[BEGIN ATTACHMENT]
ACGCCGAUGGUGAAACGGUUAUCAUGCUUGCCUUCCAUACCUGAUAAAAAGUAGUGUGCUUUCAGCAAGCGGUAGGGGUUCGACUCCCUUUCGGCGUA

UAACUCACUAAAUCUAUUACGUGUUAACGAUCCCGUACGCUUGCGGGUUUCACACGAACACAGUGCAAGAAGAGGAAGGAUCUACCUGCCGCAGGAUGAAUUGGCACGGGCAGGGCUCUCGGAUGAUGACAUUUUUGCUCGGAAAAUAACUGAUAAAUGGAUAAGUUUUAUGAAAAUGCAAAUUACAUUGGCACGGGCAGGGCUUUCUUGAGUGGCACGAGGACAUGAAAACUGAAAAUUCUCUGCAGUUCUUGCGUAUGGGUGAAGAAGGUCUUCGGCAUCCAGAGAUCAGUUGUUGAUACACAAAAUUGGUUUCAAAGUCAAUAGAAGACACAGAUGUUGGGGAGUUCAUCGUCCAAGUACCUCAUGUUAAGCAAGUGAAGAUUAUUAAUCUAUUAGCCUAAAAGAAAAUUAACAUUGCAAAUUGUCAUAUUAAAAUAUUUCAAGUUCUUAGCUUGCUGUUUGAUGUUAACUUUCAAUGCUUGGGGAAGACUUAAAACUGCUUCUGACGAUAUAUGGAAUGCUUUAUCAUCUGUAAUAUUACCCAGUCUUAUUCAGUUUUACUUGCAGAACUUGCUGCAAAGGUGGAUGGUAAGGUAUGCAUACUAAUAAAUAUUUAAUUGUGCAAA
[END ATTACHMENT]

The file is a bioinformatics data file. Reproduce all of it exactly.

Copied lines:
ACGCCGAUGGUGAAACGGUUAUCAUGCUUGCCUUCCAUACCUGAUAAAAAGUAGUGUGCUUUCAGCAAGCGGUAGGGGUUCGACUCCCUUUCGGCGUA

UAACUCACUAAAUCUAUUACGUGUUAACGAUCCCGUACGCUUGCGGGUUUCACACGAACACAGUGCAAGAAGAGGAAGGAUCUACCUGCCGCAGGAUGAAUUGGCACGGGCAGGGCUCUCGGAUGAUGACAUUUUUGCUCGGAAAAUAACUGAUAAAUGGAUAAGUUUUAUGAAAAUGCAAAUUACAUUGGCACGGGCAGGGCUUUCUUGAGUGGCACGAGGACAUGAAAACUGAAAAUUCUCUGCAGUUCUUGCGUAUGGGUGAAGAAGGUCUUCGGCAUCCAGAGAUCAGUUGUUGAUACACAAAAUUGGUUUCAAAGUCAAUAGAAGACACAGAUGUUGGGGAGUUCAUCGUCCAAGUACCUCAUGUUAAGCAAGUGAAGAUUAUUAAUCUAUUAGCCUAAAAGAAAAUUAACAUUGCAAAUUGUCAUAUUAAAAUAUUUCAAGUUCUUAGCUUGCUGUUUGAUGUUAACUUUCAAUGCUUGGGGAAGACUUAAAACUGCUUCUGACGAUAUAUGGAAUGCUUUAUCAUCUGUAAUAUUACCCAGUCUUAUUCAGUUUUACUUGCAGAACUUGCUGCAAAGGUGGAUGGUAAGGUAUGCAUACUAAUAAAUAUUUAAUUGUGCAAA